austingreen Senior Member

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    Dual clutch transmissions will likely have fewer losses in highway driving but higher losses in 0-5 mph than a cvt whether hsd or other type. YMMV. Many people prefer them because of the more traditional engine transmission feel, but some prefer the cvt. DCT's can feel bad at low speed, but the electric motor in a hybrid should smooth that out, the phev should give even a better feel with either transmission.

    https://www.fueleconomy.gov/feg/PowerSearch.do?action=HySbs&year1=2021&year2=2023&minmsrpsel=0&maxmsrpsel=0&city=0&highway=0&combined=0&YearSel=2021+-+2023&MakeSel=&model=&MarClassSel=&FuelTypeSel=&VehTypeSel=Hybrid&TranySel=&DriveTypeSel=&CylindersSel=&MpgSel=&SortBy=City&Units=&url=SearchServlet&opt=new&minmsrp=0&maxmsrp=0&rowLimit=50

    Some DCTs had reliability problems and software problems. Fords early ones come to mind. I would expect a new hyundai dct hybrid or phev to be very reliable but probably not as reliable as a hsd.
     
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  10. Paladain55

    Paladain55 Junior Member

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    short term gains for long term repairs.
     
  11. Prashanta

    Prashanta Active Member

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    Hopefully Toyota gives the Prius at least a 6" ground clearance. Otherwise, it might be the Niro PHEV for me. Or maybe a redesigned Crosstrek Hybrid.
     
  12. John321

    John321 Senior Member

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    If you are interested in someone's actually experience with the NIRO PHEV DCT I can give you mine.

    We traded in a 2008 Prius we bought new on a 2019 KIA NIRO PHEV, We owned the 2008 Prius for 12 years and put over 150,000 miles on it. We have owned the NIRO PHEV for 3 years and have close to 40,000 miles on it. Other than the Prius ABS Actuator and 3 way valve neither vehicle really gave or has given us any issues. Both were/are economical and reliable to drive.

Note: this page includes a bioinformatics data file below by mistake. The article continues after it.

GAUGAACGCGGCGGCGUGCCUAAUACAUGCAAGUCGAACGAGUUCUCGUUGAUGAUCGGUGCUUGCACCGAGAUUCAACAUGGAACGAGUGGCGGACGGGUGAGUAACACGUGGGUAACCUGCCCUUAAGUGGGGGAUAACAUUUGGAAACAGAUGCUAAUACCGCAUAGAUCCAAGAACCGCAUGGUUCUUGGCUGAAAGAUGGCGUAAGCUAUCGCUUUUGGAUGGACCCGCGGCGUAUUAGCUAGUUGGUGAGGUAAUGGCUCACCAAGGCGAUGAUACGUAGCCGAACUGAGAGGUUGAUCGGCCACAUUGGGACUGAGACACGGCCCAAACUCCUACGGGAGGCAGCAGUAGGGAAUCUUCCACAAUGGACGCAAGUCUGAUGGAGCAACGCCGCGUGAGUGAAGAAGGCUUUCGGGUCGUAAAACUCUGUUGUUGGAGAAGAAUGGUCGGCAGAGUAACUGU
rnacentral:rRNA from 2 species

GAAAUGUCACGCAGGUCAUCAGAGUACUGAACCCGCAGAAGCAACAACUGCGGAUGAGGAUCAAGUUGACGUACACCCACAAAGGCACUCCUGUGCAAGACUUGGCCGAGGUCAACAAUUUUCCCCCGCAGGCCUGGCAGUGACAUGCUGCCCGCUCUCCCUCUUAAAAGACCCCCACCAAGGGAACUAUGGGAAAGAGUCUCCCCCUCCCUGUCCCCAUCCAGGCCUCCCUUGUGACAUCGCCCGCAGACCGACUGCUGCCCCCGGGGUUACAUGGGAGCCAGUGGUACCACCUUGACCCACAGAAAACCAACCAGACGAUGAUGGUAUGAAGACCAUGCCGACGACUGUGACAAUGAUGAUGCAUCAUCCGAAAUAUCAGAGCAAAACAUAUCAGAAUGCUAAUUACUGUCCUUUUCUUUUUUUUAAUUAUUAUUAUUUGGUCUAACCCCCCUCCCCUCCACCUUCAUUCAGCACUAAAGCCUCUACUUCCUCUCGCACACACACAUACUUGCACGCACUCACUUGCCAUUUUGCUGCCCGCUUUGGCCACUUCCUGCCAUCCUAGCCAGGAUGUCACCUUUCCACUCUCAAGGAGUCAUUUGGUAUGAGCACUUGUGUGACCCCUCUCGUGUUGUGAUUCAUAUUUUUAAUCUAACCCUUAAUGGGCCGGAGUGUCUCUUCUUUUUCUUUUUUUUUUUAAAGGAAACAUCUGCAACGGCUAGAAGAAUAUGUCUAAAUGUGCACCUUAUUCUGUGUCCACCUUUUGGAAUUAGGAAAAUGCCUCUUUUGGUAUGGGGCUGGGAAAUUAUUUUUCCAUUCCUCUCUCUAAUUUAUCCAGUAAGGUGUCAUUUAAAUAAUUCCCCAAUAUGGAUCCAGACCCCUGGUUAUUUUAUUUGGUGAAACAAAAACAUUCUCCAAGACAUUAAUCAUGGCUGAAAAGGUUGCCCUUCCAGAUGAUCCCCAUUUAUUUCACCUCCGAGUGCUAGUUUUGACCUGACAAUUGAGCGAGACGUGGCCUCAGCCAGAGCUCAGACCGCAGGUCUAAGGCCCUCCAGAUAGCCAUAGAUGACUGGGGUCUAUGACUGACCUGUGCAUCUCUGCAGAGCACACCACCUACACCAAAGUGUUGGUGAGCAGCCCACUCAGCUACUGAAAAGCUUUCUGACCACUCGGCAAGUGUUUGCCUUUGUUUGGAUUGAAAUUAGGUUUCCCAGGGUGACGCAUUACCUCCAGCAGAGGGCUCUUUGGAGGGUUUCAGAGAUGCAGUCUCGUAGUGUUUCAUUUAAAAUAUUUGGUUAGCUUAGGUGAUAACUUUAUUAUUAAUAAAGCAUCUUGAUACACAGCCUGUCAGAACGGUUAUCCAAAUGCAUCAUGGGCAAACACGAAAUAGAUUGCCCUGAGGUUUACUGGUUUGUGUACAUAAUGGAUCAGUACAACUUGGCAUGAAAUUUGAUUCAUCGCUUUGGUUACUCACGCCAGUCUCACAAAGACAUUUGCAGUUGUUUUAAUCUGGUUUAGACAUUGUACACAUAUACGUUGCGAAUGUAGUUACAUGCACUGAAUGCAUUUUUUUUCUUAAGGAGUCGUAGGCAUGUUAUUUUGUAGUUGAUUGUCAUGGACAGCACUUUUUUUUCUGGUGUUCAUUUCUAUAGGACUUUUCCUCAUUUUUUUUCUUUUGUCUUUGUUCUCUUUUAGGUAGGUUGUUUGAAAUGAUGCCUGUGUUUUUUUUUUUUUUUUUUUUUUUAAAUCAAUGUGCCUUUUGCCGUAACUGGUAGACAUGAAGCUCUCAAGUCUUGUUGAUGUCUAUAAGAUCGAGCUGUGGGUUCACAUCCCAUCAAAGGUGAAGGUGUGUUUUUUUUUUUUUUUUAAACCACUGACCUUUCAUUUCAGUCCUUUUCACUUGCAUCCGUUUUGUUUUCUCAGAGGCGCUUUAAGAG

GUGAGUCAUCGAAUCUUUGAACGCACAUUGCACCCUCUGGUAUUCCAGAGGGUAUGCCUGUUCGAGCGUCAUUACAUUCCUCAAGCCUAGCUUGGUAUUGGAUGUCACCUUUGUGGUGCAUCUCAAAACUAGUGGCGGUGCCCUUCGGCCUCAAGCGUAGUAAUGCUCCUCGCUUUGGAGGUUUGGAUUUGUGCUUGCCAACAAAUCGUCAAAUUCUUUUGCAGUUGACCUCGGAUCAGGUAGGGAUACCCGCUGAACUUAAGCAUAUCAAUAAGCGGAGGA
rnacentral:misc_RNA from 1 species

The Niro DCT is not noticeable to me at all, it behaves like an automatic transmission but has all the advantages of a manual transmission. I much prefer the feel of a DCT to the CVT. The KIA has three selectable drive modes - ECO- Comfort and Sport mode. In sport mode you are able to manually shift the transmission. Ours stays in ECO mode we never use the other two modes. Behavior in ice and snow has been excellent. The vehicle has traction control - ABS and vehicle stability control just like you would expect. I would not hesitate to buy another KIA vehicle with a DCT in it.
     
    #12 John321, Apr 14, 2022
    Last edited: Apr 14, 2022
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  13. farmecologist

    farmecologist Senior Member

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    Good to hear! People give Hyundai/Kia a bad rap sometimes...but in our experience they have been extremely reliable ( we have a 2012 Sonata Limited and a 2013 Elantra GT ). However, they both do have fairly low miles for their age ( my daily driver lately has been the 2012 Prius V as listed in my signature ).

    I dug up some notes I took a whine back while researching Kia's hybrid system. Looks like I ruled it out at that time because it appeared that more maintenance was required vs. Toyota's HSD. Things such as :
    • Dual clutch transmission fluid changes ( every 64K miles ).
    • HSG (Hybrid Starter & Generator) belt replacement ( every 32K miles ).
    I was surprised it said that the HSG belt requires replacement every 32K miles....that seems really odd. And it kind of sucks that they have belts at all.

    True? If so, I'll stick with Toyota's HSD. (y) No belts...and transmission fluid changes only needed "if you want to" (y) ( although all of us here probably do change it ).
     
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  14. Tideland Prius

    Tideland Prius Moderator of the North
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    Not likely unless there's a Prius crossover. Most sedans are still under 6" of ground clearance. (unless you count the Mach-E SUV-that-really-isn't-an-SUV because it has the same ground clearance as a Camry [5.7"] except 5.3" in the GT)